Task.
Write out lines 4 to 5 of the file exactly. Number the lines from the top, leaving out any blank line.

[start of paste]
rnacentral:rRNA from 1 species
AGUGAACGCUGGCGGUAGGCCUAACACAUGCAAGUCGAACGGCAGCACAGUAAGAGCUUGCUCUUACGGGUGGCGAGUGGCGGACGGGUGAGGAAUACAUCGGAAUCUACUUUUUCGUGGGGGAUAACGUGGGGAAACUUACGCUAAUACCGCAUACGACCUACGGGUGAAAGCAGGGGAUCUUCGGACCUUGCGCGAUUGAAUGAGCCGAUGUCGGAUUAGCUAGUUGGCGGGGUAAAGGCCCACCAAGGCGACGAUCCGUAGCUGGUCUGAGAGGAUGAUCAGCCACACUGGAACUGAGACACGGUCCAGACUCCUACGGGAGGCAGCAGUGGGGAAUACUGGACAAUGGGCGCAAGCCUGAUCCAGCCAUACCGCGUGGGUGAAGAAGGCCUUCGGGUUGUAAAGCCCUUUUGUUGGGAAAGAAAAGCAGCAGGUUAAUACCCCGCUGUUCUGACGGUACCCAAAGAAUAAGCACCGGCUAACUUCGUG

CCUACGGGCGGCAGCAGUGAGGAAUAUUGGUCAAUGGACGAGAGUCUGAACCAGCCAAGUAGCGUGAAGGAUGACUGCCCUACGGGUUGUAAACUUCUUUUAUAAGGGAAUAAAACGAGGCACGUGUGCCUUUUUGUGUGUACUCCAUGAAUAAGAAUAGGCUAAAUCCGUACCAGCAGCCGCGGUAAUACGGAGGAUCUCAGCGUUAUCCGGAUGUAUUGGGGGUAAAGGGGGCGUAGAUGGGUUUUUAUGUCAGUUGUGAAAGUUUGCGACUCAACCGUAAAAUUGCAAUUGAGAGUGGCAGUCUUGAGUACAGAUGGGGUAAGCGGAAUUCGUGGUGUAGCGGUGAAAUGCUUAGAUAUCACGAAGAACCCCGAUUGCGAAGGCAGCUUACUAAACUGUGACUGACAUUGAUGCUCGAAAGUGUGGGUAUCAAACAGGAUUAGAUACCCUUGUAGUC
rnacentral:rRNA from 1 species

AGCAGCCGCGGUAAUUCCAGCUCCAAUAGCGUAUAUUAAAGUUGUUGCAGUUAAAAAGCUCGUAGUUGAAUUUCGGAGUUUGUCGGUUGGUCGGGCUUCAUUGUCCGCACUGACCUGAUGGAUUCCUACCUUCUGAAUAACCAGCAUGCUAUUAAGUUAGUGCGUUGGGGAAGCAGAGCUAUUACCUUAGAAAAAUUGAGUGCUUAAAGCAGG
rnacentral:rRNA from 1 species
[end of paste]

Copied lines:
rnacentral:rRNA from 1 species

AGCAGCCGCGGUAAUUCCAGCUCCAAUAGCGUAUAUUAAAGUUGUUGCAGUUAAAAAGCUCGUAGUUGAAUUUCGGAGUUUGUCGGUUGGUCGGGCUUCAUUGUCCGCACUGACCUGAUGGAUUCCUACCUUCUGAAUAACCAGCAUGCUAUUAAGUUAGUGCGUUGGGGAAGCAGAGCUAUUACCUUAGAAAAAUUGAGUGCUUAAAGCAGG